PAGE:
Yes, the southern states considered the federal system of protective tariffs to be unfair because it benefited the manufacturing industry of the north at the expense of the south. Secession would have resulted in the loss of southern markets for northern industry. The south would likely buy more manufactured goods from Europe rather than as previously from the Northern states where prices were inflated by protective tariffs. Subsequently, articles imported into the South from Europe would divert tariff revenue from the North to the South. Additionally, the southern free trade policy would encourage Northern-bound European imports to enter in the South, where they could be smuggled across the Ohio River into Midwestern states and thereby evade US duties. States northwest of the Ohio River had additional economic reasons to fear secession. Specifically, they were apprehensive that secession would jeopardize free trade along the Mississippi River. The northern states had important economic concerns as a result of the secession of the southern states.
 

unionblue

Brev. Brig. Gen'l
Member of the Year
Joined
Feb 20, 2005
Location
Ocala, FL (as of December, 2015).
I consider that the loss of tax revenues was maybe the least of the economic consequences the North feared, in the event of Southern secession. The purpose for the tariffs was not only to fund the government, but more insidiously from the perspective of the South, to protect Northern manufacturing, industry and commerce at the expense of the South. Northern commercial interests also understood that the inevitable loss of Southern customers with duty free goods coming in through Southern ports would end the gravy train, and shift economic growth and power southward. With the Mississippi in control of the South, western agricultural states' commerce would exacerbate the decline of the North. Lincoln's choice was basically peace and a ruined Northern economy, or war and retained Northern power and wealth.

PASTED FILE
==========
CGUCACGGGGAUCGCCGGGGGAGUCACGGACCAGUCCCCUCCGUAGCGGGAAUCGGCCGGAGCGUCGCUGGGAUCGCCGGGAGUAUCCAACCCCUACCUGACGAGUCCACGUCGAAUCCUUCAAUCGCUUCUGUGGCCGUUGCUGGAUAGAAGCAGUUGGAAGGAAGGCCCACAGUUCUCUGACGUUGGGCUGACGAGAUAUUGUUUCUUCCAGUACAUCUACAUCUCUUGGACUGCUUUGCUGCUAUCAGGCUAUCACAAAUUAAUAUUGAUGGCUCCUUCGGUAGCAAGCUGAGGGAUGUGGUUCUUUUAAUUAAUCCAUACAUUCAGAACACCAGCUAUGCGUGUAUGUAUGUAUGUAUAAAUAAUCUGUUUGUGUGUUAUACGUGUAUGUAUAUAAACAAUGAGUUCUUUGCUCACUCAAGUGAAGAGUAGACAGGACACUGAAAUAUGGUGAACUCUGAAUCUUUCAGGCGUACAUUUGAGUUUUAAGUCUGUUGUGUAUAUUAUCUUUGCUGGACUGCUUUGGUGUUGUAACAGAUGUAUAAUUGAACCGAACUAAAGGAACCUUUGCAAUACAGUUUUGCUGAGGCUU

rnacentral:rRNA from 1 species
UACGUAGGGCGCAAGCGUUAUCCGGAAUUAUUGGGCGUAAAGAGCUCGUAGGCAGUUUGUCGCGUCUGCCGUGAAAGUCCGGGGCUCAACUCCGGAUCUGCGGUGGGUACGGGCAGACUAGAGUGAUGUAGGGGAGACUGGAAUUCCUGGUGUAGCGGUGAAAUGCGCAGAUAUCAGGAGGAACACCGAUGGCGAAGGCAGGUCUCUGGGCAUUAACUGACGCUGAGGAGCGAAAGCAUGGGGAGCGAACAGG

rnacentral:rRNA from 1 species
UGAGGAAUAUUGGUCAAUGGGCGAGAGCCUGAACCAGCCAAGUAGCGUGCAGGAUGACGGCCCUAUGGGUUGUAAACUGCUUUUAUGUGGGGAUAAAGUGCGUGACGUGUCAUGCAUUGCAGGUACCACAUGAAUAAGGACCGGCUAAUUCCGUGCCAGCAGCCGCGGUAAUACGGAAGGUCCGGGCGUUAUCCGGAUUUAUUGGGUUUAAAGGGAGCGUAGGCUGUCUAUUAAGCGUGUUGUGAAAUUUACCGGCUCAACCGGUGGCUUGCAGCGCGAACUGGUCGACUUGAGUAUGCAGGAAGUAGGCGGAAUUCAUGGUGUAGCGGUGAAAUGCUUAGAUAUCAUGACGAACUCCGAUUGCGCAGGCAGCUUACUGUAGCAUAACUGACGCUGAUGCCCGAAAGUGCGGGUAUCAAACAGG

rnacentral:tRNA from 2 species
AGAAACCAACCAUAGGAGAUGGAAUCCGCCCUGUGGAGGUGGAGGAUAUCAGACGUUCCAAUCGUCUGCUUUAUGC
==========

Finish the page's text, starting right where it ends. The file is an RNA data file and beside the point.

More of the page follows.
Theory and little else.

The South had little to worry about as they becoming rich off of cotton exports and made no effort to grow their own regional industries (manufacturing and industry) and left the North to handle the shipping of their cotton exports vice building or expanding their own harbors and ships to reduce Northern business in those areas. They were quite content to leave things as they were.

Yes, the southern states considered the federal system of protective tariffs to be unfair because it benefited the manufacturing industry of the north at the expense of the south. Secession would have resulted in the loss of southern markets for northern industry. The south would likely buy more manufactured goods from Europe rather than as previously from the Northern states where prices were inflated by protective tariffs. Subsequently, articles imported into the South from Europe would divert tariff revenue from the North to the South. Additionally, the southern free trade policy would encourage Northern-bound European imports to enter in the South, where they could be smuggled across the Ohio River into Midwestern states and thereby evade US duties. States northwest of the Ohio River had additional economic reasons to fear secession. Specifically, they were apprehensive that secession would jeopardize free trade along the Mississippi River. The northern states had important economic concerns as a result of the secession of the southern states.